30 May 2016
Canada’s National Post reported yesterday ..
Like its competitors, Sun Life has for years classified anyone who disclosed using marijuana — either recreationally or for medical purposes — as a smoker, saddling them with charges that could be triple those of non-smokers.
But in a message to brokers last week, the company said the latest research on the drug’s health impacts convinced it to change that approach.
“In our industry, we keep up to date with medical studies and companies update their underwriting guidelines accordingly,” Sun Life said in a statement Friday. “As a result, people who use marijuana are now assessed … at non-smoker rates, unless they also use tobacco.”
In our industry, we keep up to date with medical studies and companies update their underwriting guidelines accordingly
The change comes as cannabis is increasingly accepted as a medicine for various ailments, and the federal government prepares to legalize recreational possession as well.
Sun Life’s decision was likely motivated by what would have been an unthinkable factor for a legitimate corporation in the past: a burgeoning market of Canadians who admit to using marijuana, said broker Lorne Marr of Toronto’s LSM Insurance.
“They’re trying to get an edge on the other companies,” he suggested. “I don’t think they’re just trying to lower consumers’ premiums.”
The head of a patient advocacy organization hailed the new policy as an important breakthrough, saying the insurance issue has been a “huge concern.”
Not only have users of medical cannabis been forced to pay “exorbitant” life insurance rates, but in some cases they’ve actually been turned down for coverage, said Jonathan Zaid, founder of Canadians for Fair Access to Medical Marijuana.
“It was a huge discrepancy in the way patients were being treated,” he said. “I’ve even heard of (medical marijuana users) who couldn’t get mortgages because they were denied life insurance.”
Companies apply the policy to patients who smoke pot, employ vaporizers or just consume the drug in edible products, said Zaid. And yet there is little good evidence that even long-term smoking of it causes cigarette-like harms, he said.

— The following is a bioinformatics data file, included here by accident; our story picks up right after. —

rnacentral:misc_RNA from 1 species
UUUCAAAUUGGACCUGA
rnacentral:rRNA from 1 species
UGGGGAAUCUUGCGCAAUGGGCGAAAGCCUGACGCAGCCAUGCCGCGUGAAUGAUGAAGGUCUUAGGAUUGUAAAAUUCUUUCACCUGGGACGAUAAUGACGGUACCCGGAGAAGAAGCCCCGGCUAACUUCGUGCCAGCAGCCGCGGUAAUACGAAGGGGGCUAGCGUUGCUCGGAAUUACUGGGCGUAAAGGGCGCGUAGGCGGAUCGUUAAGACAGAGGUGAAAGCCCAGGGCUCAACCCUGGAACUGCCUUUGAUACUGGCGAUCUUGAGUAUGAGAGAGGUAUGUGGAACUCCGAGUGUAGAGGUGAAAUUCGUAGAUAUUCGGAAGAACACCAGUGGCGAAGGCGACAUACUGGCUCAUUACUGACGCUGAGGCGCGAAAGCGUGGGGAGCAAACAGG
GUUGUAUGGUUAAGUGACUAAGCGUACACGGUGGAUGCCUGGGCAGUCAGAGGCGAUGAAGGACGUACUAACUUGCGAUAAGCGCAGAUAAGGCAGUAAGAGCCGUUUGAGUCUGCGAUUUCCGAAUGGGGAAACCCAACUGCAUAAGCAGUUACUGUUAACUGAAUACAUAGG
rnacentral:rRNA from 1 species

It was a huge discrepancy in the way patients were being treated
Cannabis smoke does contain many of the same carcinogens as tobacco fumes, but a Canadian co-authored study published last year — like others before it — concluded there was little evidence of an increased risk of lung cancer, even in habitual users. Experts say that’s likely because cigarette smokers suck in far more of those cancer-causing chemicals on average than pot users.
“It’s great that they’re recognizing that the old policy wasn’t based on science,” Zain said. “There’s no evidence that there is any long-term risk of cancer or anything equivalent to tobacco.”
Being treated as a smoker by insurers certainly carries a financial sting. One $500,000 policy with a 20-year term costs non-smokers $53 a month, smokers $148, said Marr.
Applications typically ask if customers use marijuana and, while it’s possible to give a false response, companies administer urine and blood tests to back up information clients give them, he said.
Marr said it’s likely now that other insurers will follow Sun Life’s example.